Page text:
Bleeding or spotting between periods is definitely a reason for a woman to worry. Not knowing what may be causing it, or whether it is dangerous, such bleeding can be very frustrating, so it is advisable to visit a doctor and find out what is happening.
It is important to know what a normal menstruation is in order to be able to tell if something is wrong. Normal menstrual bleeding occurs approximately every 28 days, although this number varies from woman to woman, from 21 to 35 days.
Bleeding after Menstrual Period
Bleeding usually lasts four to five days, sometimes more, sometimes less. If the bleeding occurs after the menstruation is over, or if there are spots of blood, a woman should first determine where exactly the blood is coming from. It may come from the rectum or there may be blood in the urine.
There are many possible causes of bleeding between periods. First of all, the cause can be a pregnancy or a miscarriage, as well as fluctuations in hormone levels, stress, injury, surgical procedures, vaginal infections, or vaginal dryness.
Some women experience bleeding between periods after they start or stop using oral contraceptives or if they skip the pill.
Bleeding during ovulation is fairly common and is considered normal. The most dangerous cause of bleeding after menstrual period is cancer.
Bed rest is advised if bleeding between periods is particularly heavy. It can be useful to count the tampons or pads used because this information helps a doctor to determine whether the bleeding is heavy or not. The best possible decision is to consult a doctor in cases of any bleeding between periods.
The doctor will perform a pelvic exam and take a pap smear, ask for a medical history and previous cases of bleeding, and will also need precise information about the menstrual cycle. This information includes the number of days the menstruation usually lasts for, how heavy the bleeding is or if there are any other symptoms like cramps, pain or bruising.
It is also important to determine whether there is blood in the stool or urine or if the woman is taking any medications or not. Furthermore, the doctor will need to be informed if she has been exposed to physical or emotional stress.
The doctor will also need information about past pregnancies, abortions and miscarriages, and do the necessary tests to exclude pregnancy as a cause of the bleeding.
Keeping the information about one's menstrual cycle is very important. Whenever there is a problem involving a woman's health, doctors require information about the age the first menstruation occurred, the date of the last menstruation, and the number of days it lasted.
Dydrogesterone is a Synthetic Hormone for Menstrual Regulation
Dydrogesterone is synthetic hormone progesterone with the brand name Duphaston. It is used for regulating one's menstrual cycle. This medication is considered non-oestrogenic, non-androgenic, non-anabolic as well as non-corticoid. The drug affects the uterus directly without indirect contraceptive effect.
Dydrogesterone can be recommended for treatment of infertility, premenstrual syndrome, endometriosis and irregular or painful menstruations. Dydrogesterone is also used in hormone replacement therapy. This medication can additionally help in preventing miscarriage or recurrence of miscarriage.
Dydrogesterone is activated through oral consumption. Depending on the treated disorder, Dydrogestrone is taken on certain days during menstrual cycle in recommended doses.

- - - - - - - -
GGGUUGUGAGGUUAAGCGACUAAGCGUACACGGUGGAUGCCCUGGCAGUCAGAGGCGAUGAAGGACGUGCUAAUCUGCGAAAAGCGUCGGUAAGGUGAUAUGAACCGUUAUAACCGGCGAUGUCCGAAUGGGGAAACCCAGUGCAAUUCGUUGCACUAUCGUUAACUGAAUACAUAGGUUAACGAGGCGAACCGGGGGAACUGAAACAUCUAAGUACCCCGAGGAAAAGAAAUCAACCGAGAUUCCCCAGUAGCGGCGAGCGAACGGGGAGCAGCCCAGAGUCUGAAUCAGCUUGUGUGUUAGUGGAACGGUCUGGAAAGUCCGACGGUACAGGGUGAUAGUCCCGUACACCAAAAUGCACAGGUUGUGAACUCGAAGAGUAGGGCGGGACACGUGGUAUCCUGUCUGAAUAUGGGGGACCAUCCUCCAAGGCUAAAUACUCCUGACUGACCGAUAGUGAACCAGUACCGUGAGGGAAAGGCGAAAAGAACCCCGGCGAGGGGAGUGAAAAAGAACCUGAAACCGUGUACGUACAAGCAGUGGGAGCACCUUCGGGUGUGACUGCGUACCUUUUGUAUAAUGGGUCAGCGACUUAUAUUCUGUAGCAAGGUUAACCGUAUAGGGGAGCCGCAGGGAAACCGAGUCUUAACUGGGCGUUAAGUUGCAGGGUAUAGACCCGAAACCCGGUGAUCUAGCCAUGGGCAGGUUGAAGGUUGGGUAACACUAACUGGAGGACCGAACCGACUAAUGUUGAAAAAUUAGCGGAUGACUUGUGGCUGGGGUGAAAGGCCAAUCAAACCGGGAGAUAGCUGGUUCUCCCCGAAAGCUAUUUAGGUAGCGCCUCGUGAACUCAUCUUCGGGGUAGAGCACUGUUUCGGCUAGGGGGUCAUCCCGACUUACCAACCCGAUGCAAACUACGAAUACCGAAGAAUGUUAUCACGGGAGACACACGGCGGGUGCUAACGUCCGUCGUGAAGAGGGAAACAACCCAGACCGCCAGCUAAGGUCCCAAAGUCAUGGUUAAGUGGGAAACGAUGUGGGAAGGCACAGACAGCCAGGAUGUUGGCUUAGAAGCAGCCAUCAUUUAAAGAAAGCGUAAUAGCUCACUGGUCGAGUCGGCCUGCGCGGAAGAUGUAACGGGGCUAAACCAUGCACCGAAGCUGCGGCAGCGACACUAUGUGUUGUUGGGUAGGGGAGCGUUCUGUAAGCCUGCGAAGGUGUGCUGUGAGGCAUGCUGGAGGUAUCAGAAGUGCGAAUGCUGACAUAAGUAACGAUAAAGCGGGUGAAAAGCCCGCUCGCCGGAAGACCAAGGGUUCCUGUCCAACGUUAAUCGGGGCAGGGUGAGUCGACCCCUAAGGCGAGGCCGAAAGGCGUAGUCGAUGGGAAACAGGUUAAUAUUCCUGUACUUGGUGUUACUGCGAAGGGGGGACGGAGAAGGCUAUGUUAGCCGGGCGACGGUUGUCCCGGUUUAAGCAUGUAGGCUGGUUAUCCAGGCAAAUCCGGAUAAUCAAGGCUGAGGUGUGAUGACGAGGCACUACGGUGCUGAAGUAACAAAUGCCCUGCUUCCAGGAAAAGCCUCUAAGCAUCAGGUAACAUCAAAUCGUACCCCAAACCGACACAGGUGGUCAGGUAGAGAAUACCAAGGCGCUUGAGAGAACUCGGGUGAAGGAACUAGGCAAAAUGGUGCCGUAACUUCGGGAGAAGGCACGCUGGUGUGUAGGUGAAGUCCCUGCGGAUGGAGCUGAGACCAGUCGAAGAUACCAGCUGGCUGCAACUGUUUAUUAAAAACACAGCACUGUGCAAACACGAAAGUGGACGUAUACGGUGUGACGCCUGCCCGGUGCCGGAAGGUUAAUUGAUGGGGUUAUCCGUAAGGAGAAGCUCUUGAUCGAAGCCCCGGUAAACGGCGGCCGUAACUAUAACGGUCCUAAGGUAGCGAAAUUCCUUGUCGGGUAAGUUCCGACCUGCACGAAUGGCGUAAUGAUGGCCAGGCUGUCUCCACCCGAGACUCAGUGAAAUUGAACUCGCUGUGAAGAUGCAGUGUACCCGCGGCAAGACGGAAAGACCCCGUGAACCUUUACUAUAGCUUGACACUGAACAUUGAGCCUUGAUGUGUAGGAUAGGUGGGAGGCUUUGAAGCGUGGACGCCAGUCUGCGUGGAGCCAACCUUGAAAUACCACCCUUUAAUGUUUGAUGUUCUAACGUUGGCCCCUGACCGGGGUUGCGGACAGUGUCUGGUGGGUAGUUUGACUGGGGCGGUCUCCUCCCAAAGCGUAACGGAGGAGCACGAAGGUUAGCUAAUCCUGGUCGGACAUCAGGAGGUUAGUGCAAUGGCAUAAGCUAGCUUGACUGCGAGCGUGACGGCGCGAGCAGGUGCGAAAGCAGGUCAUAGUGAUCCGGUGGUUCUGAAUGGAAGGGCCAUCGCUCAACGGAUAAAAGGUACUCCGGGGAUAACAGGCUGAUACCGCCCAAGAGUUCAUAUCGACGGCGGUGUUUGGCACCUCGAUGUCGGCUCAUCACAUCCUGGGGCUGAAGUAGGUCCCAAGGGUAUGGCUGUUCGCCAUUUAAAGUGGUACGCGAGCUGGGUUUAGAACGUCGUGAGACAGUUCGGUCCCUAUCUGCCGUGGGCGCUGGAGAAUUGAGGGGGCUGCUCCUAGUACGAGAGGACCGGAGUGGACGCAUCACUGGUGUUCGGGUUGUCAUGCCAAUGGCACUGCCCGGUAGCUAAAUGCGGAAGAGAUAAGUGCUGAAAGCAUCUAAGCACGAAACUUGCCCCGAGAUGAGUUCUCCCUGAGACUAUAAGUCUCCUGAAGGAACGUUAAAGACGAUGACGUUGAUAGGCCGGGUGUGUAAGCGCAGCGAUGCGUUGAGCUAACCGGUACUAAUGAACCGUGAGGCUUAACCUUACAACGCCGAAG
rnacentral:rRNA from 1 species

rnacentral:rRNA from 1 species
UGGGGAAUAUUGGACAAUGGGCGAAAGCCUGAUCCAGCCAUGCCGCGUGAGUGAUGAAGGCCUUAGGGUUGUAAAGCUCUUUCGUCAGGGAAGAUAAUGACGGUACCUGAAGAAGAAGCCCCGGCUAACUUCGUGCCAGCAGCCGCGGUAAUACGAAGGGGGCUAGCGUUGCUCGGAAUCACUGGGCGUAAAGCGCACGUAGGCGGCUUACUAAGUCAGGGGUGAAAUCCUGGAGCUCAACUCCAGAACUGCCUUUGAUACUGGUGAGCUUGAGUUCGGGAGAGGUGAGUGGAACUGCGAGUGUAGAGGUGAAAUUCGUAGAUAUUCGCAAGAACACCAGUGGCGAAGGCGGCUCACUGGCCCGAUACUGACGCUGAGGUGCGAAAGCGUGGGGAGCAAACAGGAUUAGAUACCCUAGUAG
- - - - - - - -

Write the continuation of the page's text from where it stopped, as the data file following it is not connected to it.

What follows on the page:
Besides for controlling menstrual periods, dydrogesterone can be used for other purposes too. Threatened and habitual abortion is one of these. Basically, Dydrogesterone decreases the incidence of first trimester abortions and relaxes the smooth muscles of the uterus.
Furthermore, Dydrogesterone relieves the pain associated to menstrual periods and minimizes the overgrowth of endometrial lining.
Additionally, Dydrogesterone alleviates the symptoms related to premenstrual syndrome and increases the chances of getting pregnant by almost 50%. This is due to this medicine’s capability to alleviate luteal insufficiency.
Also, it prevents excess growth of the endometrial lining and prevents hot flushes in menopausal women, along with the long-term effects of the menopause such as bone resorption and changes in blood lipids.
Nevertheless, even though Dydrogesterone is usually safe for use, it might trigger some of the following side effects.
Possible side effects of Dydrogesterone may include gastrointestinal disturbances, allergic skin rash, changes in libido, acne, breast tenderness, fluid retention, dizziness, headache, nausea, mental depression, and menstrual spotting between periods. Also, the drug should be used cautiously during pregnancy and while breastfeeding.
Do not use Dydrogesterone if you are allergic to this medication or any of its components.
Contraindications include hypersensitivity, pregnancy, abnormal vaginal bleeding of unknown origin, cerebrovascular or coronary artery disease, carcinoma of the breast or genital organs and hepatic dysfunction.
To conclude, bleeding after periods may be a normal, expected occurrence, a sign of certain bodily changes or a symptoms of some types of diseases. Fortunately, there are medications, like dydrogesterone, which can help a woman regulate her menstrual periods better, avoiding getting surprised by unexpected bleeding. However, one should be careful with this medications since, rarely, it may lead to adverse effects.
Thus, the best possible step to take once you face bleeding after period is to seek advice from your doctor.